Sign in  |  Register

The New Criterion

The New Criterion is probably more consistently worth reading than any other magazine in English.
- The Times Literary Supplement


Honoring Samuel Menashe: 1925-2011

by Brian P. Kelly

Posted: Aug 25, 2011 12:07 PM

Menashe writes an untitled poem on the beach: "Pity us / by the sea / on the sands / so briefly"
Photograph by Martin Duffy

The New Criterion is saddened by the loss of a superb poet and a friend, Samuel Menashe who passed away in his sleep on Monday.

Born in Brooklyn and raised in Queens, Menashe attended Townsend Harris High School and then Queens College. In 1943 he left school to enlist in the army and fought in World War II, most notably in the Battle of the Bulge. Following the war, Menashe used the GI Bill to sail to France and earn his degree at the Sorbonne. He returned to America, taught briefly, and worked odd jobs to support his writing.

First published in 1956 in The Yale Review, Menashe struggled to find success in America. However, in the UK he garnered a committed following and, with the help of fellow poet Kathleen Raine, published his first collection, No Jerusalem But Thism, in 1961. Several other books followed, including Fringe of Fire (1973), To Open (1976), and The Niche Narrows (2000).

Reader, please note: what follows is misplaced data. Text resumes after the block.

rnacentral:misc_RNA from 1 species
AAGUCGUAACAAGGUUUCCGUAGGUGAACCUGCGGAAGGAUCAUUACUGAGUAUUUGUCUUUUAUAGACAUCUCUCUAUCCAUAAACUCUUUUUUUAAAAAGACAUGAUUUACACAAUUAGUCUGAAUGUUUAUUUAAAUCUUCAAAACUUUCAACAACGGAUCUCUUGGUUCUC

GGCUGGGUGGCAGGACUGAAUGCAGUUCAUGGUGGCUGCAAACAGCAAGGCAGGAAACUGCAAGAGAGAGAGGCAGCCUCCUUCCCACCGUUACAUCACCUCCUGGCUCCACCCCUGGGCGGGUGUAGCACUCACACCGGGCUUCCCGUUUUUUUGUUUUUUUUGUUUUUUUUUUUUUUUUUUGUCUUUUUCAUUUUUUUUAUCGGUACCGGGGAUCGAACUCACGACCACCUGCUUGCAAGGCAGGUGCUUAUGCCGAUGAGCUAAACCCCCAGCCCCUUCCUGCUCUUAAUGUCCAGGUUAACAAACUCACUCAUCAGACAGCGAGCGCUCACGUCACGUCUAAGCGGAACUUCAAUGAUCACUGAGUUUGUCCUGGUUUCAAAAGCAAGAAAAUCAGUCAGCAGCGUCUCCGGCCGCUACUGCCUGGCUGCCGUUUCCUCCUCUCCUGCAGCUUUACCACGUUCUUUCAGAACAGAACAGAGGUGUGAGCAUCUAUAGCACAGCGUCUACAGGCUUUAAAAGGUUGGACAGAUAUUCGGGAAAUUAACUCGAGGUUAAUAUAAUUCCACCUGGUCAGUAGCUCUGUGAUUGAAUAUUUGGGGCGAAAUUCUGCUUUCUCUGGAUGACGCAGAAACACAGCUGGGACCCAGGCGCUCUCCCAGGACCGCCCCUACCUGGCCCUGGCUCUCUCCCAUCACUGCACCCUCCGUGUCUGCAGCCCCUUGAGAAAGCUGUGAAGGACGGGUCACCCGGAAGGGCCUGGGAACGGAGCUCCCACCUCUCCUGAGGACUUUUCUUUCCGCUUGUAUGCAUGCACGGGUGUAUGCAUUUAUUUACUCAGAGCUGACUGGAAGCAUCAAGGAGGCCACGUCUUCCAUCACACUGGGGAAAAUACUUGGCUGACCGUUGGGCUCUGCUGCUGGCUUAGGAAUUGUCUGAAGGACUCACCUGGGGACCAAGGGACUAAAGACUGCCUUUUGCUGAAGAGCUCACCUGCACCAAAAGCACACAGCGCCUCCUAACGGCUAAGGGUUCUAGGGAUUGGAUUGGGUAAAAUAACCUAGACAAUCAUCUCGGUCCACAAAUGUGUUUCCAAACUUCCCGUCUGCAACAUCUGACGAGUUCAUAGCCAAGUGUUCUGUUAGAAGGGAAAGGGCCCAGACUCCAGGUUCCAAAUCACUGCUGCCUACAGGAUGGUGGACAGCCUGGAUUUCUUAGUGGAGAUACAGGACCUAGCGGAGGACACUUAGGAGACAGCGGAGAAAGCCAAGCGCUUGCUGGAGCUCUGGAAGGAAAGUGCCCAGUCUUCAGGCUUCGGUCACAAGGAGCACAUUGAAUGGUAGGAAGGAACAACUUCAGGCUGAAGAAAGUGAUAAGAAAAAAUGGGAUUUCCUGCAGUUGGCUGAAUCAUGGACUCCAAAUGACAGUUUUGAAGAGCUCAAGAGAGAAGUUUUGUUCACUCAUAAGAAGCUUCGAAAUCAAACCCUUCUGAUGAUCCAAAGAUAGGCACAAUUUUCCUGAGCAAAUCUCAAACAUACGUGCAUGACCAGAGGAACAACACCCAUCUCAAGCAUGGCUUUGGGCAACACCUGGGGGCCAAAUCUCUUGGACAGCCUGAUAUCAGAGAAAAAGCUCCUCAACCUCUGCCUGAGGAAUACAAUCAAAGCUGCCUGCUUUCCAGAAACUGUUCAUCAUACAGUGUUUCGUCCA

Eventually, he would be recognized in America, and in 2004 he won the first "Neglected Masters Award" from the Poetry Foundation. The award included a publishing deal.  In 2005, Samuel Menashe: New and Selected Poems was released by The Library of America.

Samuel Menashe was a regular face at The New Criterion's gatherings and holiday parties, and his Due soldi di speranze was published in our February issue from 2005. He will be greatly missed.

E-mail to friend

add a comment

Leave this field empty

The New Criterion

About ArmaVirumque


( AHR-mah wih-ROOM-kweh)


In the Aeneid, the Roman poet Virgil sang of "arms and a man" (Arma virumque cano). Month in and month out, The New Criterion expounds with great clarity and wit on the art, culture, and political controversies of our times. With postings of reviews, essays, links, recs, and news, Armavirumque seeks to continue this mission in accordance with the timetable of the digital age.


Follow us on Twitter:




To contact The New Criterion by email, write to:



Subscribe to our newsletter!

* indicates required


March 29, 2016

Friends and Young Friends Event: The Climate Surprise

More events >